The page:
IntroductionThe health care system in India is characterised by multiple systems of medicine, mixedownership patterns and different kinds of delivery structures. Public sector ownership is dividedbetween central and state governments, municipal and Panchayat local governments. Publichealth facilities include teaching hospitals, secondary level hospitals, first-level referral hospitals(CHCs or rural hospitals), dispensaries; primary health centres (PHCs), sub-centres, and healthposts. Also included are public facilities for selected occupational groups like organized workforce (ESI), defence, government employees (CGHS), railways, post and telegraph and minesamong others. The private sector (for profit and not for profit) is the dominant sector with 50 percent of people seeking indoor care and around 60 to 70 per cent of those seeking ambulatorycare (or outpatient care) from private health facilities. While India has made significant gains interms of health indicators - demographic, infrastructural and epidemiological (See Tables 1 and2), it continues to grapple with newer challenges. Not only have communicable diseasespersisted over time but some of them like malaria have also developed insecticide-resistantvectors while others like tuberculosis are becoming increasingly drug resistant. HIV / AIDS hasof late assumed extremely virulent proportions. The 1990s have also seen an increase inmortality on account of non-communicable diseases arising as a result of lifestyle changes. Thecountry is now in the midst of a dual disease burden of communicable and noncommunicablediseases. This is coupled with spiralling health costs, high financial burden on the poor anderosion in their incomes. Around 24% of all people hospitalized in India in a single year fallbelow the poverty line due to hospitalization (World Bank, 2002). An analysis of financing ofhospitalization shows that large proportion of people; especially those in the bottom fourincomequintiles borrow money or sell assets to pay for hospitalization (World Bank, 2002)Key features of the Employees State Insurance Scheme (ESIS) and Central GovernmentHealth Scheme (CGHS) Mandatory social insurance schemesIndicators ESIS CGHS Factory sector employees (and Employees (and dependants) ofTypes of beneficiaries dependants) with income less Central Government-current and than Rs 7500 per month retired, some autonomous and semi-government organizations, Members of Parliament judges, freedom fighters, journalists Coverage About 353 lakh About lakh beneficiaries in 1996Coverage beneficiaries in 1998 Medical and other health-related Medical care through publicTypes of benefits provided through ESIS facilities facilities and restricted private and partnerships carePremiums (financing of scheme) 4.75% of employees wages by Varies from Rs 15 to Rs 150 per employers; 1.75% of their wages month based on salaries of the by employees; 12.5% of the total employees Mainly financed by expenses by the State the Central Government funds GovernmentsProvider payments Mainly salaries for physicians in Salaries for doctors. Treatment dispensaries and referral in private hospitals is reimbursed hospitals. Hospitals have global on case basis, subject to actual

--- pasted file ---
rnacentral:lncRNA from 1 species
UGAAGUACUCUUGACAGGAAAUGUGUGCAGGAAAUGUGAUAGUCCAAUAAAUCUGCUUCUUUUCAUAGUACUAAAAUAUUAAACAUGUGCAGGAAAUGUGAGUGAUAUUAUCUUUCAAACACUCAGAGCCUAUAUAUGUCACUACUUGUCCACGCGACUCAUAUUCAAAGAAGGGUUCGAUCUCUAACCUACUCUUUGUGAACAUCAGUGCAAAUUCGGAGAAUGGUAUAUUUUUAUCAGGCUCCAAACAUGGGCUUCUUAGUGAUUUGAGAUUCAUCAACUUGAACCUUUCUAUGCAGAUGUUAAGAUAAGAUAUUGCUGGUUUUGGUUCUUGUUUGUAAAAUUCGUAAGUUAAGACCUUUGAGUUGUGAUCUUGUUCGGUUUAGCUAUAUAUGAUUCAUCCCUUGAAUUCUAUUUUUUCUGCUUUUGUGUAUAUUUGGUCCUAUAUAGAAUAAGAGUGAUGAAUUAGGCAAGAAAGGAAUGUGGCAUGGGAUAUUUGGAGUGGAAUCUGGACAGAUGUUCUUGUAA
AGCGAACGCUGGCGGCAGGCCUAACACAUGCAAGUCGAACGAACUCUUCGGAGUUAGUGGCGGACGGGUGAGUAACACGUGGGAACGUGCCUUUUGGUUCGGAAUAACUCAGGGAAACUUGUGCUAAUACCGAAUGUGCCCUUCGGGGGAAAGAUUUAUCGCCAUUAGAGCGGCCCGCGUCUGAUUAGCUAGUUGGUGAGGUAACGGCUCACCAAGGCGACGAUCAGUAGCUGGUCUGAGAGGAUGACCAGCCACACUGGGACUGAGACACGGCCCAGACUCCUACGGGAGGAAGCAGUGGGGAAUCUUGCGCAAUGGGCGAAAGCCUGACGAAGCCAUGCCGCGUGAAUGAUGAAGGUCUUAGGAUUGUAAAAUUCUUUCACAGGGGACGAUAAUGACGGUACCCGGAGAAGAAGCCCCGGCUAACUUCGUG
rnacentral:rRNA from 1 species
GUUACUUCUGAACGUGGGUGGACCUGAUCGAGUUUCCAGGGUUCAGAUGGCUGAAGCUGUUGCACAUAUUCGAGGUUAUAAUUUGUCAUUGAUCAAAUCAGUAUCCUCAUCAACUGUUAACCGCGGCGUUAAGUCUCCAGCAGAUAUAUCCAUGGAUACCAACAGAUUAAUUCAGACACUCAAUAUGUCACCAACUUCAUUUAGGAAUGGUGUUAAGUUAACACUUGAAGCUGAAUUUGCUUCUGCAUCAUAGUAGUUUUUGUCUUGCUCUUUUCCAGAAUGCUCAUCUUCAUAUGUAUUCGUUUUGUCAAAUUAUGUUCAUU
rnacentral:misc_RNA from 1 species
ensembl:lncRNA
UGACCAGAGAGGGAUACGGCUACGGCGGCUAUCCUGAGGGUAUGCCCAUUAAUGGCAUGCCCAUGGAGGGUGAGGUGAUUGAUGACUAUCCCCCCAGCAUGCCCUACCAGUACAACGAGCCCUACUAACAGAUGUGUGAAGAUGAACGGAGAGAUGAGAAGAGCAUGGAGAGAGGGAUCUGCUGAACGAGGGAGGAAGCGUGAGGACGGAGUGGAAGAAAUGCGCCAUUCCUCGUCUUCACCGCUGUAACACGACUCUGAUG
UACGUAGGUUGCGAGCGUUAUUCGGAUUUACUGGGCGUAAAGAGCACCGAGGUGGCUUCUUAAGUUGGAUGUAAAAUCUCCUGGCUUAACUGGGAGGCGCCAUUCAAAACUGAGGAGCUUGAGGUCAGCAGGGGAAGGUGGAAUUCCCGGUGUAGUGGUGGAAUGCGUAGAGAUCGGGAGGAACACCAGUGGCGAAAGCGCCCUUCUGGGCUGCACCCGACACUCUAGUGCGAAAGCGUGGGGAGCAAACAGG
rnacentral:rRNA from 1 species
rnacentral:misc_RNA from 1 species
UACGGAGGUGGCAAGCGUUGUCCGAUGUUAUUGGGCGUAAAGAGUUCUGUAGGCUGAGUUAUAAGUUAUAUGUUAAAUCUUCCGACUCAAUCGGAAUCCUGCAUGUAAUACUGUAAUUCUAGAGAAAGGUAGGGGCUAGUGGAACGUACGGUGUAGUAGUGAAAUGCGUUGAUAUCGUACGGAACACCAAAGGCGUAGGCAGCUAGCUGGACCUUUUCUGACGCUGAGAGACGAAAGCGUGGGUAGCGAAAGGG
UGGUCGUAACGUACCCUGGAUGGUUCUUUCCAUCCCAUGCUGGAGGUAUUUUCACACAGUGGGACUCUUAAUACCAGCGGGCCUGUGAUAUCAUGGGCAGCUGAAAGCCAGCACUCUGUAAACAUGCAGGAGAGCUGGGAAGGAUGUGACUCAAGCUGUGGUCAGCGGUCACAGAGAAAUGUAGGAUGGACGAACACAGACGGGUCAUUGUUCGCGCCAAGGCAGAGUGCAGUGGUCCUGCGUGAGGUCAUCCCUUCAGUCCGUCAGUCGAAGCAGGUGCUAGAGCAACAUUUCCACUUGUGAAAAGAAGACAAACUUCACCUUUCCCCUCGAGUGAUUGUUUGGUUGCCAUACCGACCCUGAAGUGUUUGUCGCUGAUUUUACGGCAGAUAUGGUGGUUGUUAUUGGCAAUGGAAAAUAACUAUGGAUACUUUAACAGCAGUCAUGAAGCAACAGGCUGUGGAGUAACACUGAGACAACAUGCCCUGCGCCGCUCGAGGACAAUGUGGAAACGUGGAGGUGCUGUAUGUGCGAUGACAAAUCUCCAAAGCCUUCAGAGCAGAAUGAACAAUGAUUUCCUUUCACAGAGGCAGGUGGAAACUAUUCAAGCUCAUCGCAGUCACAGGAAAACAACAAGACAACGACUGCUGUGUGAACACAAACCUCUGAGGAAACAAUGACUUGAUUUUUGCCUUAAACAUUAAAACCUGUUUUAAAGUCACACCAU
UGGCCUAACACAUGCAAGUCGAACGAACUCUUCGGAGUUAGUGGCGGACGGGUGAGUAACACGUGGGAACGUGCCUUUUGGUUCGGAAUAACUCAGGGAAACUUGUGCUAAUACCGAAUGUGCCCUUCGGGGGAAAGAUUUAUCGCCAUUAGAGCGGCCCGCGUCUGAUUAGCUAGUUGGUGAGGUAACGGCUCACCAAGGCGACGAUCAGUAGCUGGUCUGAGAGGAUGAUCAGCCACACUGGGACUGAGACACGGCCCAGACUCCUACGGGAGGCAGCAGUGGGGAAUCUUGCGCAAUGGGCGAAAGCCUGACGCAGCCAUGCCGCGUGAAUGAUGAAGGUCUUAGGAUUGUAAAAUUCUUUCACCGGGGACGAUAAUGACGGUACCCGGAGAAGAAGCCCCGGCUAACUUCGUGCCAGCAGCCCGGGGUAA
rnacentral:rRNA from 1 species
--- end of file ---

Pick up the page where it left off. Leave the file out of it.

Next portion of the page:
budget financed by ESIC through expenditure and prescribed State Governments. ceilingsAdministrative costs About 21% of the revenue Direct administrative costs expenditure. For paying wages including travel expenditure, for corporation employees, and office expenses, RRT 5% of the administering cash benefits, total expenditure. Part of revenue recovery and Salaries can also be charged to implementation in new area. administrative costs.Status of finances Contributions: more than 80% of Contributions about 15% of the the ESIS income double the CGHS income-half of the expenditure on benefits. Salary Employees State Insurance expenditures. Scheme (ESIS)CGHS expenditure 1999-2004Voluntary health insurance schemes or private-for-profit schemesIn private insurance, buyers are willing to pay premium to an insurance company that poolspeople with similar risks and insures them for health expenses. The key distinction is that thepremiums are set at a level, which provides a profit to third party and provider institutions.Premiums are based on an assessment of the risk status of the consumer (or of the group ofemployees) and the level of benefits provided, rather than as a proportion ofthe consumer’s income.In the public sector, the General Insurance Corporation (GIC) and its four subsidiary companies(National Insurance Corporation, New India Assurance Company, Oriental Insurance Companyand United Insurance Company) and the Life Insurance Corporation (LIC) of India providevoluntary insurance schemes. The Life Insurance Corporation offers Ashadeep Plan II and